Wastes fuel — Experts advise that frequent hard acceleration and braking is costing your fleet an extra three miles per gallon. They recommend driving at a steady speed, even pretending that you don't have a brake at all (for the purpose of driving smoothly obviously!). Rather than relying on last-minute braking to prevent a collision, your drivers should be focusing on the road ahead and anticipating changes in terrain or actions by other drivers. Using cruise control is great method to help keep vehicle speed constant, thus reducing fuel waste.

Bad for the planet — Harsh driving has been proven to emit more harmful gases into the atmosphere. By encouraging your drivers to ease off the pedal you can help the planet breathe easier.

Accident risk increases — Drivers that ignore safe following distances increase the risk of rear-end collisions, a common type of accident among city drivers. Hard braking could also result in a truck jackknifing, resulting in even more damage. When drivers plan ahead, monitor the weather, and anticipate changing conditions, sudden braking and serious accidents can be avoided. 

Brake damage — Excessive hard braking can cause vehicle brakes to overheat, reducing their useful lifespan, damaging the metal components or glazing brake pads and making them less effective. It can also trigger a vehicle's ABS unnecessarily, putting extra stress on the car's systems.

Aggressive driving — There's a well-known saying that implies we drive the way we live. HBA events could be a symptom of a stressed or angry worker, taking out their frustration through driving. Situations like that should be handled as soon as possible to avoid bigger problems later.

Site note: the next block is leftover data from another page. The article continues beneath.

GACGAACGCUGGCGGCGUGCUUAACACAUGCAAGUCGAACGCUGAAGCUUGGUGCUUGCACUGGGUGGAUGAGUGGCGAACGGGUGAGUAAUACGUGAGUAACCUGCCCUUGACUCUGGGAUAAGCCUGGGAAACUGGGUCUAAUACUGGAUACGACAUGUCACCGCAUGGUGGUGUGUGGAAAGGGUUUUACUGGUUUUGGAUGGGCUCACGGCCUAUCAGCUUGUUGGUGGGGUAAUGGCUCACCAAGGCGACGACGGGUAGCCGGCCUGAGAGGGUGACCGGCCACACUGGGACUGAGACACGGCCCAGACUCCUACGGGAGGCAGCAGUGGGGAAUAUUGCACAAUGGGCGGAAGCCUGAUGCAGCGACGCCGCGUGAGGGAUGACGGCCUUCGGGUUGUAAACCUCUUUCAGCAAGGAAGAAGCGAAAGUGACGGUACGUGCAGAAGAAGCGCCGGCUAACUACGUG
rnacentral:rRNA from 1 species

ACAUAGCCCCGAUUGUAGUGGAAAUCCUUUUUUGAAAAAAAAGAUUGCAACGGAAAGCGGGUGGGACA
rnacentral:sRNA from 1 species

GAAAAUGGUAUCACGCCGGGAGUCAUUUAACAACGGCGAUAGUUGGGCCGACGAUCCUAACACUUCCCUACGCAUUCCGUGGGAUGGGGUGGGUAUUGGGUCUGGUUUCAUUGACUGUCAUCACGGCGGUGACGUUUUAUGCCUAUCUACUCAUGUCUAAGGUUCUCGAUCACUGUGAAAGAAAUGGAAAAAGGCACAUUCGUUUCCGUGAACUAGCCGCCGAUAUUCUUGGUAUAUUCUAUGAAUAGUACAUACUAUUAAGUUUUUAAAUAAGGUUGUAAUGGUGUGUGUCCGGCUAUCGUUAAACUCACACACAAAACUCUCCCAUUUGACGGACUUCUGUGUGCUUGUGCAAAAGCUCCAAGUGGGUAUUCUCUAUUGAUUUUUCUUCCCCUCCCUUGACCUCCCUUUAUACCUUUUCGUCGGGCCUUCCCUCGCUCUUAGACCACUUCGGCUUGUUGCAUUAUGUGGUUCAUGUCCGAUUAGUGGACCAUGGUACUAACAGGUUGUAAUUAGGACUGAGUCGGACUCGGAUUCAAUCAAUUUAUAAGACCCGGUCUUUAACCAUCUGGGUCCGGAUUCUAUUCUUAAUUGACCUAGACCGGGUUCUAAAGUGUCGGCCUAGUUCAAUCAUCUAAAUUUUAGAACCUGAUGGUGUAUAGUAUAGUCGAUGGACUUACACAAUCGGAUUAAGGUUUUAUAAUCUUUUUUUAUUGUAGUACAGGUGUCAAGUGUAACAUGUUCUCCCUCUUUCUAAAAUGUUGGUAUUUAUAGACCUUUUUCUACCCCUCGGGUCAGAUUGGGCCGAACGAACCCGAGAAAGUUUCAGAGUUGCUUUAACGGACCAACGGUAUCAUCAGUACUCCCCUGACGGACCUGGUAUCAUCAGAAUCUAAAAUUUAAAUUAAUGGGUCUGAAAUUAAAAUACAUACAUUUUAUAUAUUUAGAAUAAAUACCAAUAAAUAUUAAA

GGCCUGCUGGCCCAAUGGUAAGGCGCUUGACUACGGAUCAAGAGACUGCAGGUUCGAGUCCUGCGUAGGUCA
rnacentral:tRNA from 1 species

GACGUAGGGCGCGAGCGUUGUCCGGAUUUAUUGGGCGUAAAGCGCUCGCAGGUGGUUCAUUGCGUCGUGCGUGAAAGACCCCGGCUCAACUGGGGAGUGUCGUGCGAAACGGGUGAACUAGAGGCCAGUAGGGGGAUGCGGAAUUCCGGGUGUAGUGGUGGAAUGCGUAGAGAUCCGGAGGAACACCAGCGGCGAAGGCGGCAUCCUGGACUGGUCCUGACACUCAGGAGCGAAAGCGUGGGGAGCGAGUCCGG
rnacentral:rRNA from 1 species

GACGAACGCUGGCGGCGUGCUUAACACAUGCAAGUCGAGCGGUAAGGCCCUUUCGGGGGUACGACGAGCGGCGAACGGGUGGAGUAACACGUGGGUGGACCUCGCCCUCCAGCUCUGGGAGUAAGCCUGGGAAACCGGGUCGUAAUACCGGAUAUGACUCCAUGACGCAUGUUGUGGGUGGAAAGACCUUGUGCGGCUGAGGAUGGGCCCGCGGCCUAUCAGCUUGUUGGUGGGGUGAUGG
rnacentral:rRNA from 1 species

Why safety should be important to your fleet

Safety is an investment that should never be undervalued. For some fleets that are prepared to take the risk, it can seem like an unnecessary, and unwanted, expense. That creates a dangerous culture that can filter through the ranks, resulting in drivers ignoring safety precautions and guidelines, endangering lives, both inside and outside of the company.

Safety is not just part of a company's responsibility to its staff but also part of its corporate responsibility to the public in general. With the advancements in technology making it now both economical and simple for fleet managers to detect unsafe driver behaviors, such as hard braking and acceleration, there's no excuse for not effectively managing dangerous drivers and implementing safety programs and coaching sessions to make sure all staff comply with safe driving standards.

How can I report on hard braking/acceleration?

If you're not already using your Verizon Connect solution (such as Verizon Connect Fleet, Verizon Connect Reveal, Hino INSIGHT 2.0 or Ram Telematics powered by Verizon Connect) to monitor hard braking and acceleration, consult the help documentation on setting up an InSight Alert to report this type of activity.

You can also look into Verizon Connect Coach, a driver management tool that encourages drivers to self-correct with a point system that creates friendly competition among fellow drivers.

It's just another way to make sure your fleet is promoting safety at every turn.

Kevin Aries

Kevin Aries leads Global Product Success for Verizon Connect, helping build software solutions that optimize the way people, vehicles and things move through the world.

Tags: Cost control, Performance & Coaching, Productivity & Efficiency, Safety, Team Management, Training, Vehicle Maintenance